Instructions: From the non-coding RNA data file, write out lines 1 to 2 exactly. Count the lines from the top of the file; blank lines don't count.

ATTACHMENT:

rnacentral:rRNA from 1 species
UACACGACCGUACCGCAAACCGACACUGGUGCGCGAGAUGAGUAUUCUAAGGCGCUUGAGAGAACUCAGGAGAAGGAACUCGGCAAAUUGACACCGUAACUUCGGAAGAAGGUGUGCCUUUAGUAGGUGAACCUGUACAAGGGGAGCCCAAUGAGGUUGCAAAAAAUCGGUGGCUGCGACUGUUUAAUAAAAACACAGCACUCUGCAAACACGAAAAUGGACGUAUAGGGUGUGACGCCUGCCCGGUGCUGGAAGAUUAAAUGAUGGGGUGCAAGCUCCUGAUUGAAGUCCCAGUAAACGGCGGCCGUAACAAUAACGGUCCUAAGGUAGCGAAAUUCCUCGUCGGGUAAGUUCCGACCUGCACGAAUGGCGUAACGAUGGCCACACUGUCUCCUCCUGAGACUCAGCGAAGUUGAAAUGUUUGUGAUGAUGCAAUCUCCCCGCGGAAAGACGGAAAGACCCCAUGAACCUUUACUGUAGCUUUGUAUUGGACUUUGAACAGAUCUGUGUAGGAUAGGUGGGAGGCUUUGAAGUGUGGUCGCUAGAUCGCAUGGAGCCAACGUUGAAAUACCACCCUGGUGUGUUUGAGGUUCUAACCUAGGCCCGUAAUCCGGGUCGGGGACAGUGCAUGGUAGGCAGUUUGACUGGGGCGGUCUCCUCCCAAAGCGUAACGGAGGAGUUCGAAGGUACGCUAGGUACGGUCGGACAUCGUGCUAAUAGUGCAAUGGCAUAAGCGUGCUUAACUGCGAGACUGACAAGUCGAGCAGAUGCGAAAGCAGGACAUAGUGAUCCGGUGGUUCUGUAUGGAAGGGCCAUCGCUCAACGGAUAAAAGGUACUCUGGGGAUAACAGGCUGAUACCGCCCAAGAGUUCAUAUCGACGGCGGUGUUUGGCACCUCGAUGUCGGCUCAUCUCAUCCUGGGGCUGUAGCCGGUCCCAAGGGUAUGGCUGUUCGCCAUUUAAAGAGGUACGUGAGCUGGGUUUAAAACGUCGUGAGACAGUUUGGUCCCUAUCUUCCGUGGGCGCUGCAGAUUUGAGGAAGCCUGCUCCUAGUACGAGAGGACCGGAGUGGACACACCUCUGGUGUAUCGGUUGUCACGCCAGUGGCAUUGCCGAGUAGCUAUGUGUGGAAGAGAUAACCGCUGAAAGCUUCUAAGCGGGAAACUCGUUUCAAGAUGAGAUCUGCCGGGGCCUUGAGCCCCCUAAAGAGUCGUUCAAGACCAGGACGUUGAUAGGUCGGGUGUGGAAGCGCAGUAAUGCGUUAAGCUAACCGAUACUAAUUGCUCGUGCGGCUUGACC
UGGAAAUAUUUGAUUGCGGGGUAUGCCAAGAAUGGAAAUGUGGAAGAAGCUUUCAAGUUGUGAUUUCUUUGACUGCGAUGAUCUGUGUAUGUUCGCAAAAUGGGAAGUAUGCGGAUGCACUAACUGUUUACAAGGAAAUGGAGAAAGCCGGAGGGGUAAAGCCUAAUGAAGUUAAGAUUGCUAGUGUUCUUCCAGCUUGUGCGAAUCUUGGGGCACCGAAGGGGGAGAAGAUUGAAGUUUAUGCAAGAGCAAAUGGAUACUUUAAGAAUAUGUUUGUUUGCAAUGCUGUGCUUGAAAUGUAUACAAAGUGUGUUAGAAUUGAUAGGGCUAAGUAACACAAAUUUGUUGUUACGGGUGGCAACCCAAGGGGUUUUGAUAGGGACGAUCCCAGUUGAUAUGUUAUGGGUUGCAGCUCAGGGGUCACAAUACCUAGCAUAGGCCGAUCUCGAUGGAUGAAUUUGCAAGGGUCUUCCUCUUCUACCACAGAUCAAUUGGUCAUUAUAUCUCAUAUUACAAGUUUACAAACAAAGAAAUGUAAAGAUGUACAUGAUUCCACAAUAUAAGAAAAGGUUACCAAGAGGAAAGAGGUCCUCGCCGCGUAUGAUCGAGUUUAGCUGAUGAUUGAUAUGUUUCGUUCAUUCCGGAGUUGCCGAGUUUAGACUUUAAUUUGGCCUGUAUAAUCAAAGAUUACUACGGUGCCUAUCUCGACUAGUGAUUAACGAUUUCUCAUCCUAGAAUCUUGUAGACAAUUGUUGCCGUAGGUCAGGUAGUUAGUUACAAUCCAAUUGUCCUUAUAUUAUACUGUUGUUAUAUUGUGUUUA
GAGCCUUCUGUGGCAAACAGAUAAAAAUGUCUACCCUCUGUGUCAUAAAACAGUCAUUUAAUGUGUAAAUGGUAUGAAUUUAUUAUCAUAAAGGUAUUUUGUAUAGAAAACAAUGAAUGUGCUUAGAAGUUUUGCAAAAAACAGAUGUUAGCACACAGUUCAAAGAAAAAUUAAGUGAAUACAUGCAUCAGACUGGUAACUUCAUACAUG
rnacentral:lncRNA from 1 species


rnacentral:rRNA from 1 species
UACACGACCGUACCGCAAACCGACACUGGUGCGCGAGAUGAGUAUUCUAAGGCGCUUGAGAGAACUCAGGAGAAGGAACUCGGCAAAUUGACACCGUAACUUCGGAAGAAGGUGUGCCUUUAGUAGGUGAACCUGUACAAGGGGAGCCCAAUGAGGUUGCAAAAAAUCGGUGGCUGCGACUGUUUAAUAAAAACACAGCACUCUGCAAACACGAAAAUGGACGUAUAGGGUGUGACGCCUGCCCGGUGCUGGAAGAUUAAAUGAUGGGGUGCAAGCUCCUGAUUGAAGUCCCAGUAAACGGCGGCCGUAACAAUAACGGUCCUAAGGUAGCGAAAUUCCUCGUCGGGUAAGUUCCGACCUGCACGAAUGGCGUAACGAUGGCCACACUGUCUCCUCCUGAGACUCAGCGAAGUUGAAAUGUUUGUGAUGAUGCAAUCUCCCCGCGGAAAGACGGAAAGACCCCAUGAACCUUUACUGUAGCUUUGUAUUGGACUUUGAACAGAUCUGUGUAGGAUAGGUGGGAGGCUUUGAAGUGUGGUCGCUAGAUCGCAUGGAGCCAACGUUGAAAUACCACCCUGGUGUGUUUGAGGUUCUAACCUAGGCCCGUAAUCCGGGUCGGGGACAGUGCAUGGUAGGCAGUUUGACUGGGGCGGUCUCCUCCCAAAGCGUAACGGAGGAGUUCGAAGGUACGCUAGGUACGGUCGGACAUCGUGCUAAUAGUGCAAUGGCAUAAGCGUGCUUAACUGCGAGACUGACAAGUCGAGCAGAUGCGAAAGCAGGACAUAGUGAUCCGGUGGUUCUGUAUGGAAGGGCCAUCGCUCAACGGAUAAAAGGUACUCUGGGGAUAACAGGCUGAUACCGCCCAAGAGUUCAUAUCGACGGCGGUGUUUGGCACCUCGAUGUCGGCUCAUCUCAUCCUGGGGCUGUAGCCGGUCCCAAGGGUAUGGCUGUUCGCCAUUUAAAGAGGUACGUGAGCUGGGUUUAAAACGUCGUGAGACAGUUUGGUCCCUAUCUUCCGUGGGCGCUGCAGAUUUGAGGAAGCCUGCUCCUAGUACGAGAGGACCGGAGUGGACACACCUCUGGUGUAUCGGUUGUCACGCCAGUGGCAUUGCCGAGUAGCUAUGUGUGGAAGAGAUAACCGCUGAAAGCUUCUAAGCGGGAAACUCGUUUCAAGAUGAGAUCUGCCGGGGCCUUGAGCCCCCUAAAGAGUCGUUCAAGACCAGGACGUUGAUAGGUCGGGUGUGGAAGCGCAGUAAUGCGUUAAGCUAACCGAUACUAAUUGCUCGUGCGGCUUGACC